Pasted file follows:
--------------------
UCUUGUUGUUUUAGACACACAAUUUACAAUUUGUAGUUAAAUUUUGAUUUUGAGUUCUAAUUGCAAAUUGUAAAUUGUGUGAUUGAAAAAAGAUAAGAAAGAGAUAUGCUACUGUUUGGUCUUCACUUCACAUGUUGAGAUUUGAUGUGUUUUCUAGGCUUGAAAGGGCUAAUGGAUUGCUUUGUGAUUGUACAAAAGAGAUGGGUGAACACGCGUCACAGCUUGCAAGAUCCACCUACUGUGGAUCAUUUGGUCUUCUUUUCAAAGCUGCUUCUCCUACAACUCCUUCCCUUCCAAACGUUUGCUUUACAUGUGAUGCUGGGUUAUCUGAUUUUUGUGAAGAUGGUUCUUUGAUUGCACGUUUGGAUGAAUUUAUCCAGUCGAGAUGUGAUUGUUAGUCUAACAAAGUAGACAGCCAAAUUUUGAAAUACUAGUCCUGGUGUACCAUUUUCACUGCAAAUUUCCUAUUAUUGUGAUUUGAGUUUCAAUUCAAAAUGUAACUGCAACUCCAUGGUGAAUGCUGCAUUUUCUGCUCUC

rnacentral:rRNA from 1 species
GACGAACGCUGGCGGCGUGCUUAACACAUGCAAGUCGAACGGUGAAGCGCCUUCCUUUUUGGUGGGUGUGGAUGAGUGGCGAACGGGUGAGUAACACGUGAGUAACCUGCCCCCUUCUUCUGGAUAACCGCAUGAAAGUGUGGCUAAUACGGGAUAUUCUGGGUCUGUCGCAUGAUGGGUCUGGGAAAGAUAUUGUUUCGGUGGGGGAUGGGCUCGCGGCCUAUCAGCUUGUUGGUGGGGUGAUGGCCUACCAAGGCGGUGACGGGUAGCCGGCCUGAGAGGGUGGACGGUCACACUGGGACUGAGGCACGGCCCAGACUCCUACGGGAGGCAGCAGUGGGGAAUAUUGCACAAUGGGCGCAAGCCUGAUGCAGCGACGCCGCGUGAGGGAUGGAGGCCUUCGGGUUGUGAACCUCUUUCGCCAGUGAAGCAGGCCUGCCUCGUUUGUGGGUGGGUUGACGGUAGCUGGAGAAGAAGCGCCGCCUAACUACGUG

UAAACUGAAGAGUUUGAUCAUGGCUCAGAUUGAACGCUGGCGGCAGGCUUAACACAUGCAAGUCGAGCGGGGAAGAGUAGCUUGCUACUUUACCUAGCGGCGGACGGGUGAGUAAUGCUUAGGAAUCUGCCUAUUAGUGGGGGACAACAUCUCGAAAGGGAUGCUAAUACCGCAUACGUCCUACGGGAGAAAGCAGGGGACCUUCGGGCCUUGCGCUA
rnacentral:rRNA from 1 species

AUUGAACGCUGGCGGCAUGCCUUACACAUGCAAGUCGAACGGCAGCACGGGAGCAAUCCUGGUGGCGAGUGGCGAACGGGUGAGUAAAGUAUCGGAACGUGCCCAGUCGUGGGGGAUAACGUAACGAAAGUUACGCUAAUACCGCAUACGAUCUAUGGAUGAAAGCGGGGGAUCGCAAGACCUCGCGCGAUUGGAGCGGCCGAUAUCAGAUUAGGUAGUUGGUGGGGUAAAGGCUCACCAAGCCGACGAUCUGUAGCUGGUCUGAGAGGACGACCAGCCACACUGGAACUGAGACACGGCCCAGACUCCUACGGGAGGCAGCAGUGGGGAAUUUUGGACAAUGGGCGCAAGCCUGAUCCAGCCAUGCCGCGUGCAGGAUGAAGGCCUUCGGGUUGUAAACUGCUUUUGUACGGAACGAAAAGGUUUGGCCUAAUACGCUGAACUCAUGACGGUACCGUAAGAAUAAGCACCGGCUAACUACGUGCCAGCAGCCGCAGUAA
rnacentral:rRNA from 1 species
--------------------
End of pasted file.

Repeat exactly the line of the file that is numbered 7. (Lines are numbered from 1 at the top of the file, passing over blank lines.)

rnacentral:rRNA from 1 species